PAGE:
2012-08-01

    A recent review concluded that the evidence from epidemiology studies was indeterminate and that additional studies were required to support the diesel exhaust-lung cancer hypothesis. This updated review includes seven recent studies. Two population-based studies concluded that significant exposure-response (E-R) trends between cumulative diesel exhaust and lung cancer were unlikely to be entirely explained by bias or confounding. Those studies have quality data on life-style risk factors, but do not allow definitive conclusions because of inconsistent E-R trends, qualitative exposure estimates and exposure misclassification (insufficient latency based on job title), and selection bias from low participation rates. Non-definitive results are consistent with the larger body of population studies. An NCI/NIOSH cohort mortality and nested case-control study of non-metal miners have some surrogate-based quantitative diesel exposure estimates (including highest exposure measured as respirable elemental carbon (REC) in the workplace) and smoking histories. The authors concluded that diesel exhaust may cause lung cancer. Nonetheless, the results are non-definitive because the conclusions are based on E-R patterns where high exposures were deleted to achieve significant results, where a posteriori adjustments were made to augment results, and where inappropriate adjustments were made for the "negative confounding" effects of smoking even though current smoking was not associated with diesel exposure and therefore could not be a confounder. Three cohort studies of bus drivers and truck drivers are in effect air pollution studies without estimates of diesel exhaust exposure and so are not sufficient for assessing the lung cancer-diesel exhaust hypothesis. Results from all occupational cohort studies with quantitative estimates of exposure have limitations, including weak and inconsistent E-R associations that could be explained by bias, confounding or chance, exposure

  1. Lung cancer and diesel exhaust: an updated critical review of the occupational epidemiology literature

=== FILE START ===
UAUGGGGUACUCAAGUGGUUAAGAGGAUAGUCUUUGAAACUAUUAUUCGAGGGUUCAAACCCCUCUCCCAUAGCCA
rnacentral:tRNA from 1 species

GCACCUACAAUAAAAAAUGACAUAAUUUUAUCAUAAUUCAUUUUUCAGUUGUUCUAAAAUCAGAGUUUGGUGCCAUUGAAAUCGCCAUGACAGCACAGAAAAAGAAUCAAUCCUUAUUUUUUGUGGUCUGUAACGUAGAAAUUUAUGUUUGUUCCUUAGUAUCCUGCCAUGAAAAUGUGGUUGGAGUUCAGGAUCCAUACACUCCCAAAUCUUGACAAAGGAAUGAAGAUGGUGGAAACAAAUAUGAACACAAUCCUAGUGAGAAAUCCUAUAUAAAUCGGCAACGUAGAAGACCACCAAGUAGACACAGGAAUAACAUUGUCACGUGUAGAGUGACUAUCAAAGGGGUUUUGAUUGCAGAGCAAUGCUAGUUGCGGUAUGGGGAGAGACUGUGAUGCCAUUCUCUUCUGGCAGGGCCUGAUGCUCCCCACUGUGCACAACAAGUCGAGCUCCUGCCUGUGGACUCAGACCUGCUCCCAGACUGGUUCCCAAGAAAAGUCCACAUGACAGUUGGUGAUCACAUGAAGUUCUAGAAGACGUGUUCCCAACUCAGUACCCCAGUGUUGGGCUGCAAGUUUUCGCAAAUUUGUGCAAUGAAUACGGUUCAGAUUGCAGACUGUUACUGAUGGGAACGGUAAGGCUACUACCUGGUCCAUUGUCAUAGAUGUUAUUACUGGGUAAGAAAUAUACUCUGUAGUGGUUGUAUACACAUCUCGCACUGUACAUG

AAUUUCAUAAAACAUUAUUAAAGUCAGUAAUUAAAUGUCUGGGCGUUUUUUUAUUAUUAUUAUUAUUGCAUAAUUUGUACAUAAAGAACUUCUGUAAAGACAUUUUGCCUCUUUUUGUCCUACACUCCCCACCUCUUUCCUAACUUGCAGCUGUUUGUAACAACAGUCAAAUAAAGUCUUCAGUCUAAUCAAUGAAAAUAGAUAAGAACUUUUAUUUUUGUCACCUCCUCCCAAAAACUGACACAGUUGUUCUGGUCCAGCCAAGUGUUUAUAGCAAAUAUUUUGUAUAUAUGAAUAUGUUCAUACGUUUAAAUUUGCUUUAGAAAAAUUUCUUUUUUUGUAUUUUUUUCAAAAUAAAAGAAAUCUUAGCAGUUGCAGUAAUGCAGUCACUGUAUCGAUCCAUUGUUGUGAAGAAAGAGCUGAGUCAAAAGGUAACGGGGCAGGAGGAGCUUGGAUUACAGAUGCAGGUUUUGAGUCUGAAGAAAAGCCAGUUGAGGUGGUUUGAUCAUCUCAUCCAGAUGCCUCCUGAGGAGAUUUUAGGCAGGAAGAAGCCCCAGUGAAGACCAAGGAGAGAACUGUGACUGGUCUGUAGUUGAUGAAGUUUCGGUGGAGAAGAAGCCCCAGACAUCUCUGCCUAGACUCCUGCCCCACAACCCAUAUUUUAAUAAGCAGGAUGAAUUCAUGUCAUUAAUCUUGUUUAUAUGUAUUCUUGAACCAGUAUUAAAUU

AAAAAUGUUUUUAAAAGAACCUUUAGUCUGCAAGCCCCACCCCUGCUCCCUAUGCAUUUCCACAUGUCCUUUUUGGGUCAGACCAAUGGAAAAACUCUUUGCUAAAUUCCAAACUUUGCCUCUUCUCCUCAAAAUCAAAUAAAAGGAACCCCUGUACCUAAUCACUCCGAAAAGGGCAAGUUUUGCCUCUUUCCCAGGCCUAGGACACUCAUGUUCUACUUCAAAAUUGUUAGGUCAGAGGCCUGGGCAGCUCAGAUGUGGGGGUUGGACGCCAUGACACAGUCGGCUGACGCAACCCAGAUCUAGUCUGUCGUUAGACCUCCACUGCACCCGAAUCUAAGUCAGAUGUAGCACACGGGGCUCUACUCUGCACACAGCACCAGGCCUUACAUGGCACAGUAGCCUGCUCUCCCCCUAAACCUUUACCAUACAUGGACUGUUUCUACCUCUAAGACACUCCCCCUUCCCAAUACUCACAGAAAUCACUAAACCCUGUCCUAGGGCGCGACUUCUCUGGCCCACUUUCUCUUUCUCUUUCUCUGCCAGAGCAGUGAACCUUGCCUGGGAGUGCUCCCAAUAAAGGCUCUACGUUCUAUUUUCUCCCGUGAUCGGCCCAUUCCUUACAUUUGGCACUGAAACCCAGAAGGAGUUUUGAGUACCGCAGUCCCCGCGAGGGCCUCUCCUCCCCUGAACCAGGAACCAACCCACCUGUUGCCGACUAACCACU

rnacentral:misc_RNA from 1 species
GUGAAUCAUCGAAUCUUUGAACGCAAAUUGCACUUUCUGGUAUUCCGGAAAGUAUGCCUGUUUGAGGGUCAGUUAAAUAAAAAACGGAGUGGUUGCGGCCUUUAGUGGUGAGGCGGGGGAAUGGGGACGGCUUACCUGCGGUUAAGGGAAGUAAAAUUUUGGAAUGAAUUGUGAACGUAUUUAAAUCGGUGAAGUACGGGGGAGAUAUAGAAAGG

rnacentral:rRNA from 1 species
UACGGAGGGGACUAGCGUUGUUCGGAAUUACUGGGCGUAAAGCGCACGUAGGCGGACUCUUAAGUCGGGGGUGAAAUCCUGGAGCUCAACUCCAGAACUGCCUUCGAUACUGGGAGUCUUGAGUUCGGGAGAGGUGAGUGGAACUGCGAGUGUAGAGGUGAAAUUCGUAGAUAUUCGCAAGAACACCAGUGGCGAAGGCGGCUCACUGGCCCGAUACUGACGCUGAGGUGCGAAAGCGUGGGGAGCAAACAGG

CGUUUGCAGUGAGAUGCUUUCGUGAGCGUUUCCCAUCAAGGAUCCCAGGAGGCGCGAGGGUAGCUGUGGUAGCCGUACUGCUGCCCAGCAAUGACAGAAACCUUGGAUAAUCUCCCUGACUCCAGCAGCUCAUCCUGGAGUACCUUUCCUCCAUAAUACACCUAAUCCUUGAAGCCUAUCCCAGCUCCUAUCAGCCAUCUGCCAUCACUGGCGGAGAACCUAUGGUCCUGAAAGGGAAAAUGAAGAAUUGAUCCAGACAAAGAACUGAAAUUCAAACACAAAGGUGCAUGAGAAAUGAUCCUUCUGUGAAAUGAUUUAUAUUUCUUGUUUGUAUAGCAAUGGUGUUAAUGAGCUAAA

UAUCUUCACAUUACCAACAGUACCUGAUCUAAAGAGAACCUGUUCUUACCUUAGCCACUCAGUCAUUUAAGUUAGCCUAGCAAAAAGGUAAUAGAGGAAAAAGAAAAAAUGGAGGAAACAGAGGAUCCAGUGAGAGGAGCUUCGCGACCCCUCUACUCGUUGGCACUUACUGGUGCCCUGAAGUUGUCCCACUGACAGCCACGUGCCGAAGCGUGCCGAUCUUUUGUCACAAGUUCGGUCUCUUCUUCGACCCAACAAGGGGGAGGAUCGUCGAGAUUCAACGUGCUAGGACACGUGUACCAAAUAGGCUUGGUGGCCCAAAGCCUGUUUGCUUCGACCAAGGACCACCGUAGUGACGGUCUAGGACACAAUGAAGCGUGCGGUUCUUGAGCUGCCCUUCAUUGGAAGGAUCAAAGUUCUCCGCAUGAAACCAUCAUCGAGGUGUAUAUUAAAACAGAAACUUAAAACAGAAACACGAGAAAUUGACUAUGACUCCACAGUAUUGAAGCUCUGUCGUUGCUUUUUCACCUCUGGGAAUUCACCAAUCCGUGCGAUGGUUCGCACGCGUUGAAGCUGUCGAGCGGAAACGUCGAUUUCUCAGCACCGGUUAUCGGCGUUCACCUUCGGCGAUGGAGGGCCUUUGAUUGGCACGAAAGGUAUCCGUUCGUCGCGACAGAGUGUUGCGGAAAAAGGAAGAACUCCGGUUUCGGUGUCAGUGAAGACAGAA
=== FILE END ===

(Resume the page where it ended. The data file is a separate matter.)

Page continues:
PubMed Central

    Gamble, John F.; Nicolich, Mark J.; Boffetta, Paolo

    2012-01-01

    A recent review concluded that the evidence from epidemiology studies was indeterminate and that additional studies were required to support the diesel exhaust-lung cancer hypothesis. This updated review includes seven recent studies. Two population-based studies concluded that significant exposure-response (E-R) trends between cumulative diesel exhaust and lung cancer were unlikely to be entirely explained by bias or confounding. Those studies have quality data on life-style risk factors, but do not allow definitive conclusions because of inconsistent E-R trends, qualitative exposure estimates and exposure misclassification (insufficient latency based on job title), and selection bias from low participation rates. Non-definitive results are consistent with the larger body of population studies. An NCI/NIOSH cohort mortality and nested case-control study of non-metal miners have some surrogate-based quantitative diesel exposure estimates (including highest exposure measured as respirable elemental carbon (REC) in the workplace) and smoking histories. The authors concluded that diesel exhaust may cause lung cancer. Nonetheless, the results are non-definitive because the conclusions are based on E-R patterns where high exposures were deleted to achieve significant results, where a posteriori adjustments were made to augment results, and where inappropriate adjustments were made for the “negative confounding” effects of smoking even though current smoking was not associated with diesel exposure and therefore could not be a confounder. Three cohort studies of bus drivers and truck drivers are in effect air pollution studies without estimates of diesel exhaust exposure and so are not sufficient for assessing the lung cancer-diesel exhaust hypothesis. Results from all occupational cohort studies with quantitative estimates of exposure have limitations, including weak and inconsistent E-R associations that could be explained by bias, confounding or chance, exposure

  2. Interpretation of Secondary Organic Aerosol Formation from Diesel Exhaust Photooxidation in an Environmental Chamber

    SciTech Connect

    Nakao, Shunsuke; Shrivastava, ManishKumar B.; Nguyen, Anh; Jung, Hee-Jung; Cocker, David R.

    2011-04-14